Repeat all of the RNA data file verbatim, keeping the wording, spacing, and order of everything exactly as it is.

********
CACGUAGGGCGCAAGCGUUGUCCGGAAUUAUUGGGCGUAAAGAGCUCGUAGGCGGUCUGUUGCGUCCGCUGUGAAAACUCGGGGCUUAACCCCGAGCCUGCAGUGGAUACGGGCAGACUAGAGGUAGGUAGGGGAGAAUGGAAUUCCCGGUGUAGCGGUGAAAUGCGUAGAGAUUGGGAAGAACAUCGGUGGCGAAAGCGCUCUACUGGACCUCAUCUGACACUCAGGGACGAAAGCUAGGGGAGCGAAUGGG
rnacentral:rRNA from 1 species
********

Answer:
CACGUAGGGCGCAAGCGUUGUCCGGAAUUAUUGGGCGUAAAGAGCUCGUAGGCGGUCUGUUGCGUCCGCUGUGAAAACUCGGGGCUUAACCCCGAGCCUGCAGUGGAUACGGGCAGACUAGAGGUAGGUAGGGGAGAAUGGAAUUCCCGGUGUAGCGGUGAAAUGCGUAGAGAUUGGGAAGAACAUCGGUGGCGAAAGCGCUCUACUGGACCUCAUCUGACACUCAGGGACGAAAGCUAGGGGAGCGAAUGGG
rnacentral:rRNA from 1 species